For at least 25 years Holy Trinity has been giving careful attention to how language reflects our radical welcome. For example, in preaching, liturgical language, and an emended version of the lectionary scripture readings, we omit male pronouns for God, hoping that our children will grow up without associating God with maleness. In addition, we try to occasionally use texts that present maternal images for God. Before same-gender couples were allowed to marry we used terms like “committed relationships” and we have tried to define “family” in expansive ways.
In recent years society (and also the church) has been invited to look at our language regarding gender identity. We are learning that the binary of male-female does not apply to all people. Holy Trinity already marks its restrooms in a non-binary way. Rather than naming men and women as ways to alternate stanzas of hymns, current resources are suggesting “higher voices (SA) and lower voices (TB),” as a way to include untrained and trained voices.
Instead of the binary “sisters and brothers,” or “men and women,” you will notice that we sometimes now use other terms such as siblings; people of God; body of Christ; friends in Christ; children of God.
If you are new to some of the terms related to gender identity, here is a glossary with some terms worth knowing:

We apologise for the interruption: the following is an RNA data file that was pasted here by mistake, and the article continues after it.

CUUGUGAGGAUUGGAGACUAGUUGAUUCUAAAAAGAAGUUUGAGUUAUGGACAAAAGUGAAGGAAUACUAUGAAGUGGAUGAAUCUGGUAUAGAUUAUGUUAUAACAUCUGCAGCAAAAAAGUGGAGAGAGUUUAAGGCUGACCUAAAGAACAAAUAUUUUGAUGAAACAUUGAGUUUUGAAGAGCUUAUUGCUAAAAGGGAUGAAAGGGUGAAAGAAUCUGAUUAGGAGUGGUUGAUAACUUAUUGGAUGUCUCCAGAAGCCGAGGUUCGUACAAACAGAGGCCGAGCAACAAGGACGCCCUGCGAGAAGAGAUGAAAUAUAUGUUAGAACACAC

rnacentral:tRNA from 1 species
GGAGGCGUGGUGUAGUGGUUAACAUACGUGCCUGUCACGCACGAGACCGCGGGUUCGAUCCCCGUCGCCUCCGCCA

Birth Sex/Biological Sex. A specific set of genetic, chemical and anatomical characteristics that we are either born with or that develop as we mature. Types of birth/biological sex include female, male and intersex.
Cisgender/cis. Used as an umbrella term to indicate anyone who does identify with the gender they were assigned at birth. (For example: a person assigned male at birth who identifies as a man would be cis.) While “trans” means “across from”, “cis” means “in the same way as.”
Gender Identity. One's internal, personal sense of his or her own gender. Many people believe in a more fluid gender identity than simply “male” and “female.”
Gender Expression. The external manifestation of one's gender identity, usually expressed through behavior, clothing, haircut, voice or body characteristics.
Intersex. A term to describe a person born with ambiguous genitalia.
Non-Binary. An umbrella term for gender outside the standard male/female binary. Often used as a third category for gender identity, after male and female, and often associated with they/them pronouns. Most non-binary people identify as transgender.
Sexual Orientation. The nature of an individual's physical, romantic, emotional and/or spiritual attraction to another person. Gender identity and sexual orientation are not the same. Trans and gender-variant people may identify with any sexual orientation, and their sexual orientation may or may not change before, during or after gender transition.
Transgender. An umbrella term that describes people whose gender identity and/or gender expression differs from the sex they were assigned at birth. Transgender people may or may not choose to alter their bodies hormonally and/or surgically.
Transition. For a trans person, the process of changing from one gender identity to another. This does not always imply a binary, i.e. a person can transition from to a non-binary identity. The process may or may not involve social changes (name, pronouns, etc.), legal changes (legal name, gender markers on ID’s, etc. and/or medical changes (hormones, surgeries, etc.).